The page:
“You process faster than I do, and you talk more quickly than I do, Deb. So if you want to win, you’re on a roll. But if you want to walk away with the best solution—one we can both support, we need to slow this conversation down and really listen to one another.” Ron was throwing out a challenge. And his frustration was evident.
Our intense moment of fellowship had come to a screeching halt. I was faced with a choice. Do I want to win? Or do I want the best solution?
I thought about it for a minute. Mine is the best solution. Therefore, I win! It was not my finest hour. Thank goodness he couldn’t hear the voice in my head.
The old saying “All’s fair in love and war” is baloney. Dangerous stuff. All so that you can make your point, snatch the prize, and come out the winner in the moment. If there’s a winner, there’s a loser.
And you don’t want to be married to a loser, do you? I didn’t think so.
In that tense moment of conflict with Ron, good judgment nudged out my need for a speedy decision. We adopted his suggested approach and slowed it all down. The need for a fast resolution wasn’t required; the house wasn’t on fire. But it was my preference. In fact, it’s my conflict style.
One of the most valuable lessons to come from that interaction was the realization that we are not wired alike when it comes to conflict. And over the years we’ve learned to determine how to deal with our differences. So let’s take a look at D.E.A.L. It’s one of our best conflict resolution tools.
D = Don’t take the bait.
We all know how to push our mate’s buttons. And it’s underhanded when that occurs. Remember you have a choice: you can react, returning evil for evil and hook your honey into an all-out brawl, or you can respond, refusing to take the bait and continue without the drama of “You always!” and “You never.”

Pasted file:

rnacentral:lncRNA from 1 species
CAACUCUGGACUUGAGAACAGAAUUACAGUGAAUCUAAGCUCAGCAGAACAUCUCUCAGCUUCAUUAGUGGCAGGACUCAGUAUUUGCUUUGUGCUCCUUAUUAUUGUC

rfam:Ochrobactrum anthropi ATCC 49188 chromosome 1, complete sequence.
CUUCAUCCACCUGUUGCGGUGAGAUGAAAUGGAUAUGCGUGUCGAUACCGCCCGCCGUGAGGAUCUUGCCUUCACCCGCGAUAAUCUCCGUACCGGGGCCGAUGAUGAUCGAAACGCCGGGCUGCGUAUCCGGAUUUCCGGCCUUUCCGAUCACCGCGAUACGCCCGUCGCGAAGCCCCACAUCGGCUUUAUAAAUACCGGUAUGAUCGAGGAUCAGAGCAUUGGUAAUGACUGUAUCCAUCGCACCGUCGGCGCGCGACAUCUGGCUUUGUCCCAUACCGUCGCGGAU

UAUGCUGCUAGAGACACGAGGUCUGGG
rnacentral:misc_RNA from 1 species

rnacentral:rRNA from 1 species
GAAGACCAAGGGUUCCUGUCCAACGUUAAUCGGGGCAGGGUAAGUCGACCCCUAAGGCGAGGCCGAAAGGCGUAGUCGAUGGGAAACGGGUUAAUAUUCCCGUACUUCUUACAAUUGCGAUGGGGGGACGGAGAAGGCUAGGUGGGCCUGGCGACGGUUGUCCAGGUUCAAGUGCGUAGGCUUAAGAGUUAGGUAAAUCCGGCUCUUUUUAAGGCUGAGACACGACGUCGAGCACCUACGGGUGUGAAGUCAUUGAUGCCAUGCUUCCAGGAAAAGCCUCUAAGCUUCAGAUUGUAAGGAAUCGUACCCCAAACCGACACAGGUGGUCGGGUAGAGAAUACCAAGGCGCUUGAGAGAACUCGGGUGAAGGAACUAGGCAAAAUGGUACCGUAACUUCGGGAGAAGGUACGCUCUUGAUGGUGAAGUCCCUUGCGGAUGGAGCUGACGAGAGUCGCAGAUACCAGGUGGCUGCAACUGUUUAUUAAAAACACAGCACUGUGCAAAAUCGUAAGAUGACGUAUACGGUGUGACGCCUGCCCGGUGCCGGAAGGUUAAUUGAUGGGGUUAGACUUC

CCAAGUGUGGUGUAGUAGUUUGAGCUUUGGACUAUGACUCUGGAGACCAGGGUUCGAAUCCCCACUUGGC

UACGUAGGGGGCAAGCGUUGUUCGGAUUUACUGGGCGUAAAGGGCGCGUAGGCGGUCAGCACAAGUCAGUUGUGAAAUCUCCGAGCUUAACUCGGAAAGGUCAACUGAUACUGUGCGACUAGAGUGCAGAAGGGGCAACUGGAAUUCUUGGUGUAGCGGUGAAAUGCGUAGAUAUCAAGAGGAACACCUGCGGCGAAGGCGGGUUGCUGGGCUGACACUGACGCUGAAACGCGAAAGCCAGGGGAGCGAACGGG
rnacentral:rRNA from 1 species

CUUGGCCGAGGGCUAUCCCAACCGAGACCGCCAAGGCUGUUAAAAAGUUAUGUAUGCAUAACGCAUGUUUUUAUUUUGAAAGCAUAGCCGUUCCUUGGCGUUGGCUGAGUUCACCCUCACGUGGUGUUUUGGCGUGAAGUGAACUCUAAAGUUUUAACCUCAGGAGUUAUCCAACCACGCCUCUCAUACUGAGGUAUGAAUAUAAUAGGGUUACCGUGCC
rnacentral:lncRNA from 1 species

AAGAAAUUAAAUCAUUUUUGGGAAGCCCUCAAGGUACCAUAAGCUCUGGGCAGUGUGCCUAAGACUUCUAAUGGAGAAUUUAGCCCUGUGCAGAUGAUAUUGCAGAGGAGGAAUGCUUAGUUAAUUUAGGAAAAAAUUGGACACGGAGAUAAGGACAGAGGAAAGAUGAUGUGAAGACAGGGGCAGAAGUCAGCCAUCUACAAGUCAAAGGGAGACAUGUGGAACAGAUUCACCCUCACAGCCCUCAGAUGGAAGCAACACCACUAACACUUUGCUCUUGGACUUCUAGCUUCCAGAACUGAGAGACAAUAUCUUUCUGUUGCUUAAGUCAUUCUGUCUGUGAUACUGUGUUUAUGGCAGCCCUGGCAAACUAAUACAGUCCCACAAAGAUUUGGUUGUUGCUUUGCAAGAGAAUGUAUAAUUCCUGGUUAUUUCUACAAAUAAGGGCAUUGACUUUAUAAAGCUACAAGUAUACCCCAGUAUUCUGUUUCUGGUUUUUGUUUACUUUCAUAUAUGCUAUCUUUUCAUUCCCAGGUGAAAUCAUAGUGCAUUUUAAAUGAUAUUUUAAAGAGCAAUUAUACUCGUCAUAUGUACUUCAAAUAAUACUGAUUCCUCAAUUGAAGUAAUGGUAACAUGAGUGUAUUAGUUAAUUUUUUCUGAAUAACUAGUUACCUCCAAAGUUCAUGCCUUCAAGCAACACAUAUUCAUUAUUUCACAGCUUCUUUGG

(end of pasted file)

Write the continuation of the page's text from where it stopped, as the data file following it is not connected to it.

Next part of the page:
E = Explain the impact of the behavior and express your expectations.
This can be hard to do if that bait is still dangling. Help your spouse recognize and understand the impact of the conflict on you, the situation, and the relationship—and be clear about your expectations for the conversation. It’s important to honor God and one another with a commitment to respectful communication.
A = Ask questions to create dialogue.
Open-ended questions require more than a one-word answer. The purpose of this part of the discussion is to draw your spouse into solution-building, with the goal of a joint decision. It may sound like this:
- “If the positions were reversed, how would you feel?
- “Help me understand why you decided it was acceptable to …?”
You may discover information you were unaware of, changing the way you view the issue. Or not. Either way, you are beginning to build a solution together. Eventually, steps will surface and you can start creating a plan.
L = Let go of the need to control your mate’s behavior and manage your own.
This conversation is not about me controlling you. I’m here to control me. Even if you never verbalize this, don’t ever forget it. We have our hands full trying to manage our own behavior. You can recalibrate the tone and direction of the conversation if you remember this simple principle.
It’s important to remember that Christianity is not a psychological process; it’s supernatural, a spiritual process in which our marriage is designed to exist. And while skills, tools, and approaches to equip us to deal with conflict effectively are vital in building our understanding, our agreement, and ultimately our life together—we cannot do it apart from the reality that without his Spirit to guide us on the journey, we will fail.
“Be tolerant with each other and, if someone has a complaint against anyone, forgive one another. As the Lord forgave you, so also forgive each other,” (Colossians 3:13, CEB).